Dec. 8, 2021

Not So Much Brotherly Love? Five-Year Dispute Between Two Business Partners Ends With Defense Judgment

A SPECIAL REPORT by Tripp Scott's Paul Lopez and Stephanie Mazzola


These South Florida attorneys have finally put a five-year litigation battle between two brothers to rest.

The lawsuit began with plaintiff Aldo Di Sorbo’s claim that American Van Lines Inc. and defendant Anthony Di Sorbo defrauded the company by using a corporate loan to buy out other shareholders. But Tripp Scott attorneys Paul Lopez and Stephanie Mazzola alleged the plaintiff knew all along about the use of the corporate funds since the company’s lawyer told him about the transaction in various emails.

The court, siding with the defense, said in the amended final judgment that Aldo Di Sorbo, changed his story and failed to negotiate in good faith.

“Given the evidence and the testimony, the court discovered the plaintiff’s refusal to negotiate matter in good faith and instead took the scorched earth approach, amending his verified complaint to add multiple counts that changed stories overtime when the parties were required to try and resolve this matter following retention of their experts and exchange of their reports as to fair value,” the amended final judgment said.

Lopez said the case provides an example for businesspersons, making it incumbent for them to make sure—when they are making operational decisions for a company—that they make it clear they are being fair.

“When you are dealing with decisions being made by someone who is running a company there is a doctrine in the law which is known as the business adjustment rule. When a person puts themself in a position of control or managing a corporate enterprise, always be aware of a certain amount of latitude,” Lopez said. “Also make sure it is crystal clear that any decisions you’re making are not overtly to the benefit of your interest and detriment of another shareholder.”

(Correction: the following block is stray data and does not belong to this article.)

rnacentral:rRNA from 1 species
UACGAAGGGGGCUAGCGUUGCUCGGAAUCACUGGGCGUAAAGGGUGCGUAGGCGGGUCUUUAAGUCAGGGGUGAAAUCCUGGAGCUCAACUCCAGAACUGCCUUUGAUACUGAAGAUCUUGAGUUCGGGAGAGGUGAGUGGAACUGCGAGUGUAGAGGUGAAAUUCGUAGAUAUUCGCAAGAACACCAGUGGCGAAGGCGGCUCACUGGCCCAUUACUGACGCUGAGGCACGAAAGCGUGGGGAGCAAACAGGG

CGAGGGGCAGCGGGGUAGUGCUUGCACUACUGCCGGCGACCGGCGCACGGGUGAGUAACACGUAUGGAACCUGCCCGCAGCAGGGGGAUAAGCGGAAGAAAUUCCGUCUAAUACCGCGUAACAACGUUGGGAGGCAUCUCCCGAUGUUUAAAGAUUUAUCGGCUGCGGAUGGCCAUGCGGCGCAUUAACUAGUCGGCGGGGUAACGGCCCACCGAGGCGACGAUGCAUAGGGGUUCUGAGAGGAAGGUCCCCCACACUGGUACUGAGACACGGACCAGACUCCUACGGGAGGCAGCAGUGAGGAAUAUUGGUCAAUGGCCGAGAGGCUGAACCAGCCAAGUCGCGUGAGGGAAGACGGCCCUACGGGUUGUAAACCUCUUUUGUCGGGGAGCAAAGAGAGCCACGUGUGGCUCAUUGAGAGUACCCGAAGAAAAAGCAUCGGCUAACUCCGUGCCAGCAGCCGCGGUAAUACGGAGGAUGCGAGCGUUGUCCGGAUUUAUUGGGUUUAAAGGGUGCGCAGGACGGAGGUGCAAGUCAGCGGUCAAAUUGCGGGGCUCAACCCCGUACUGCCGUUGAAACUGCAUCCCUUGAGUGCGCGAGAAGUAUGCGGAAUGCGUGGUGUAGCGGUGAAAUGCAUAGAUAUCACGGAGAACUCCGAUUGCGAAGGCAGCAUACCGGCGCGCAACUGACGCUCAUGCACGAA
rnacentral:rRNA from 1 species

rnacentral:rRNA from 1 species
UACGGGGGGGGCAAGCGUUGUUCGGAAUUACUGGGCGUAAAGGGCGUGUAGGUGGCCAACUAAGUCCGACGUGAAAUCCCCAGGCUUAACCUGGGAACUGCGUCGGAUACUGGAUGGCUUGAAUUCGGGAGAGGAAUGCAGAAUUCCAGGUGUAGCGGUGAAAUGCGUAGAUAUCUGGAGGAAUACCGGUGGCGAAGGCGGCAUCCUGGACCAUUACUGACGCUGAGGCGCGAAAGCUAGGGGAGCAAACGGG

Lopez said he felt good about winning this case that has been going on for five years between two brothers.

“This was a case which was kind of emotional for our client because it involved his brother. There were many allegations that were made that we believe were false and not supported by evidence, so we felt vindicated that the court found in favor of our client on all of the counts and rendered a defense verdict on all of the counts. Which now should likely trigger a potential claim for all of the attorney fees that the cost of my client occurred in the five-year litigation. My team and client felt vindicated, and satisfied with the result.”

As far as recouping a substantial portion of attorney fees and cost, Lopez plans to file additional motions now in connection with certain proposals that were made in the case. 

“One of the things the court will be wrestling with is our motion for entitlement for fees and costs under various theories. So, I think we will have a strong chance of succeeding on that now post trial based on the result since it was such a resounding defense verdict. We have already filed a pulmonary motion in that regard,” Lopez said. 

Katzman, Wasserman, Bennardini & Rubinstein attorney Robert Hackleman and counsel Helaina Bardunias represented the plaintiffs and declined to comment.

Seventeenth Circuit Judge Carol-Lisa Phillips presided over the case.

Around Sept. 25, 2015, plaintiff Aldo Di Sorbo initiated a lawsuit through his first attorney Jason Haber seeking to dissolve a single asset limited liability company, defendant A.S.A.P. Investment Holdings LLC (ASAP).

On Dec. 4, 2015, Di Sorbo filed his first amended complaint prior to a responsive pleading having been filed, alleging a claim for judicial dissolution of ASAP, among others, thus, making available to defendants the alternative remedies in Florida Statutes Chapter 605, the amended final judgment stated.